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What's Inside Josh Hutcherson's Imagination? Ron Howard Weighs In

The veteran filmmaker talks about his upcoming collaboration with the 'Hunger Games' star.

Josh Hutcherson has a hunger, and the only cure is Project Imagination.

The "Hunger Games" actor is set to join forces with Ron Howard for the next iteration of Project Imagination, the Canon contest that tasks aspiring filmmakers with finding their voice and inspiring new forms of creativity. This year's version of Project Imagination marks Howard's third collaboration with Canon, and this time, they're teaming together on a project called The Trailer — an opportunity for competitors to submit trailers based on their own lives, with one winning trailer selected to inspire a Hollywood short film produced by Howard and Hutcherson, and starring Hutcherson.

What can we expect from Howard and Hutcherson's team-up? What aspirations does Hutcherson have as a filmmaker? And what are Howard's thoughts on the state of trailers today, as well as some of his personal favorite (and least favorite) trailers from his own catalogue? Here's what he told MTV News about all those questions and more...

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MTV: Ron, this is your third iteration of Project Imagination. What is it about the project that keeps fueling you creatively?

Ron Howard: You know, every time, the experiment changes and evolves. For me, just as a creative person, it keeps accomplishing this one really important idea: Telling people that they're far more creative than they realize. To get out there and to play. Take the camera, use your life as inspiration, and surprise yourselves and everyone else with the stories you can tell.

MTV: This year, Project Imagination centers on a concept called The Trailer. Tell us more about the idea here.

Howard: A big part of this is that Canon is always trying to connect with the media zeitgeist, the movements that are afoot. Still photographs was a great idea, and a bit more of a traditional idea. The movies were much more ambitious. And this, it's pacier. It's faster. It's more immediate. It's more personal. But it's also cinematic. We all love trailers. The idea of taking … my recommendation is to just use your life as inspiration. Shoot it, collect it, start to see what it suggests as a movie, and just have some fun building it into something cool. A 60-second collection of what your movie might be. It's very YouTube, and has to have that dynamic, trailer kind of vibe. In a lot of ways, it's the most playful and experimental and coolest of the approaches to Project Imagination.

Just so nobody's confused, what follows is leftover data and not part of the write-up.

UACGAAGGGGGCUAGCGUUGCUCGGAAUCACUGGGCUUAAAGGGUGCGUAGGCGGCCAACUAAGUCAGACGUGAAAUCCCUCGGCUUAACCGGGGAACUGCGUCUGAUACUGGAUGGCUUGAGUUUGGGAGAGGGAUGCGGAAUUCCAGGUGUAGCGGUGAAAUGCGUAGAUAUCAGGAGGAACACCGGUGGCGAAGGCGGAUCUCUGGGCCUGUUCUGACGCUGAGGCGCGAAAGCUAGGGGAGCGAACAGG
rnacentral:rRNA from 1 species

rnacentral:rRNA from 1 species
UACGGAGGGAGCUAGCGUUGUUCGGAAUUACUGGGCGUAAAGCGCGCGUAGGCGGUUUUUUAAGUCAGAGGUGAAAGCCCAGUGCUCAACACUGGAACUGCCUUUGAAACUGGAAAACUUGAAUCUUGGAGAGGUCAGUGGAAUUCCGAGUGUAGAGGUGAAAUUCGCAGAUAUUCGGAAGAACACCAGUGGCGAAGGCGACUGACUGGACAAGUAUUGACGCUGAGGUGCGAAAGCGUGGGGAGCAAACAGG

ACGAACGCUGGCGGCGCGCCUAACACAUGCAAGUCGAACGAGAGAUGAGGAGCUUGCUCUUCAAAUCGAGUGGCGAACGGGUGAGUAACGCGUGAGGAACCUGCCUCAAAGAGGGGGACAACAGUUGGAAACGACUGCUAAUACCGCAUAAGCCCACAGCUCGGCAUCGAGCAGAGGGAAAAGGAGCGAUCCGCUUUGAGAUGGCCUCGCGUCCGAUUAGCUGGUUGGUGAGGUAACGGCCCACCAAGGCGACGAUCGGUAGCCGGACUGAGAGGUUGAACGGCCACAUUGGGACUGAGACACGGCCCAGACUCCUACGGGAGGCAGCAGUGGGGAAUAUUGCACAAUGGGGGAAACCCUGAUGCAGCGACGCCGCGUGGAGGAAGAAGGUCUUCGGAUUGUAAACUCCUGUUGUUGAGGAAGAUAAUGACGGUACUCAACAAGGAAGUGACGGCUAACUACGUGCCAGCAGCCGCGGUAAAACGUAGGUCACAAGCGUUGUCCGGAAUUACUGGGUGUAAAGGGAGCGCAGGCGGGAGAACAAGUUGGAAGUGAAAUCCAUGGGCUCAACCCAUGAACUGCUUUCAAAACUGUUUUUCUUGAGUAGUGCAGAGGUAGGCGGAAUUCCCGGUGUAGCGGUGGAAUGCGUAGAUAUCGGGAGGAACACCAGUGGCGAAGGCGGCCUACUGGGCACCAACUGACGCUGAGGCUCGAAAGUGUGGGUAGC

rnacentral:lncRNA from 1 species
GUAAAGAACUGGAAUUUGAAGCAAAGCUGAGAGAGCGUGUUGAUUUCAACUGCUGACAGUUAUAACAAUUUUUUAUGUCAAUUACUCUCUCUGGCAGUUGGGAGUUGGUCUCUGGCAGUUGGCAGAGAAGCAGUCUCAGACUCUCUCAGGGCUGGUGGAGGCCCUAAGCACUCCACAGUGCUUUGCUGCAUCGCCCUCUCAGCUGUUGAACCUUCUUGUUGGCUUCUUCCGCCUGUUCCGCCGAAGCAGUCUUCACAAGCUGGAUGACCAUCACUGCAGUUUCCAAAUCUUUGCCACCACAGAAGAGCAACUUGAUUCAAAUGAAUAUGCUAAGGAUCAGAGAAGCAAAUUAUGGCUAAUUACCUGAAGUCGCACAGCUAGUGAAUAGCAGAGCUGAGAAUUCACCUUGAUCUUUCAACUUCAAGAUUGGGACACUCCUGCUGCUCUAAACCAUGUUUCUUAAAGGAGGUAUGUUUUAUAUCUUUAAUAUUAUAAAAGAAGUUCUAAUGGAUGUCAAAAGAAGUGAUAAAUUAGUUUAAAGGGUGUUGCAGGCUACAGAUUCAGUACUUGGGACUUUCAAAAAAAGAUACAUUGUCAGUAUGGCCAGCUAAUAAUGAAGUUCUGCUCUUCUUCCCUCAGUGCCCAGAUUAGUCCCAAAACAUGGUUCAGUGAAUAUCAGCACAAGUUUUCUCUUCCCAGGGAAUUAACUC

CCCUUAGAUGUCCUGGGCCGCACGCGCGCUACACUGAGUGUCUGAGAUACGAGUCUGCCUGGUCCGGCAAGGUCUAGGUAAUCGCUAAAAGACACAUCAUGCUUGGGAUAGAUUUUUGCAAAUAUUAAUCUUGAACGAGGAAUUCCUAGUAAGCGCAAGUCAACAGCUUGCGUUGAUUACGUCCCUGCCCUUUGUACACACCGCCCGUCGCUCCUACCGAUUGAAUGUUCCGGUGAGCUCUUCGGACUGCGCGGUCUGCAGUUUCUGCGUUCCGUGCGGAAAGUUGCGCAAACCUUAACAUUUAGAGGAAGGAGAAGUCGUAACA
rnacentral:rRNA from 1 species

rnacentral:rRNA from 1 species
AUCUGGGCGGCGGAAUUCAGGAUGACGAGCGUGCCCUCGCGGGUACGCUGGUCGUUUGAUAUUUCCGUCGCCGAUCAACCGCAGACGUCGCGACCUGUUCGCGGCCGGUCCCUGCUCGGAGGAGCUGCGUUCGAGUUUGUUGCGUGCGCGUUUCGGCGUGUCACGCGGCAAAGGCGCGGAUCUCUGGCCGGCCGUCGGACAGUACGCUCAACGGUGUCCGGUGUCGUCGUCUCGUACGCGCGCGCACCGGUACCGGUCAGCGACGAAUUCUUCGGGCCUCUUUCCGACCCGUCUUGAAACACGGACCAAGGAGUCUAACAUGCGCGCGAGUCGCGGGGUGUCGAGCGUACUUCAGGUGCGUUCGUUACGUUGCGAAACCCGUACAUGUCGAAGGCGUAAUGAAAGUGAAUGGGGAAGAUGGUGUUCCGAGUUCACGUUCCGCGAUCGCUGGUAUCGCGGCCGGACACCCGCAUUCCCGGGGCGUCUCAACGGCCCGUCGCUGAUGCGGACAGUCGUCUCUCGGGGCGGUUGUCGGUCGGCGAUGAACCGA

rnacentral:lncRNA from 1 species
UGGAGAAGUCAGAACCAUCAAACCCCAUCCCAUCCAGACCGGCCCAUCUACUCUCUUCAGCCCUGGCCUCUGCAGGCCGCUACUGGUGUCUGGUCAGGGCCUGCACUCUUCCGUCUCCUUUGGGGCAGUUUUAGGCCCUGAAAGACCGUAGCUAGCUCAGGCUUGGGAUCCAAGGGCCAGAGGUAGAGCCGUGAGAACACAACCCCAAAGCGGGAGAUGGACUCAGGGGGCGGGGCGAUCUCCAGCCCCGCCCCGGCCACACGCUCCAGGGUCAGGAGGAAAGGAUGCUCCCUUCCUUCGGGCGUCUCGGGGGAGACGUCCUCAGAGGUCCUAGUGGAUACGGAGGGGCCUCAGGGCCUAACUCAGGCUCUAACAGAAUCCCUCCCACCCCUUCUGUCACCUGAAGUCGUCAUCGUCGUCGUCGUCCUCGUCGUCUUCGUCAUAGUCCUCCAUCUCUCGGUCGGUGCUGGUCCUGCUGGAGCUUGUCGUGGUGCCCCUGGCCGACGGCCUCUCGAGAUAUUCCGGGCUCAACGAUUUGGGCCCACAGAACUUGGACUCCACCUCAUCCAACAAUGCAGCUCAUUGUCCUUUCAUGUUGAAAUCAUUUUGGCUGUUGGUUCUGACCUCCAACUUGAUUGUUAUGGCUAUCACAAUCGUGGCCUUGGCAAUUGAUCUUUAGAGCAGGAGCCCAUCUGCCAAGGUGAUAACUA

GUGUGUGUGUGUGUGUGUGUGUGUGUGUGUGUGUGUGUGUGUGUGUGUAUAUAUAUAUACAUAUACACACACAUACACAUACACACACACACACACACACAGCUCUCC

MTV: What are your thoughts on how the trailer has evolved, from when you were first starting out as an actor and filmmaker to where you are today? Is it a positive direction? A negative direction?

Howard: Trailers, for my entire career as a director, have been their own unique artform. It's just continued evolving. As tastes change, as people's sensibilities, the aesthetics of pop culture… it presses on what trailers need to look like. They do need to honestly reflect the possibility of a story. But for years, there was a mindset that you make the trailer first. You make the poster and the trailer, and if those were hooky and cool and exciting enough, you go ahead and make the movie. This experiment is drawn from that throwback notion. It engages the public.

I'd really encourage people of all skill levels to get in there and have some fun with it. If you're looking at just some scenes you've captured, and you think about some music you can apply, and go and build the trailer, I think you'll surprise yourself as to what it is you can come up with. You might be surprised what kind of movie your life suggests, you know? You might think it's tragic, but when you look at it, it's actually hilarious. Or the other way around. You might think your life is cool, but it turns out to be kind of frightening. Be open to what you see.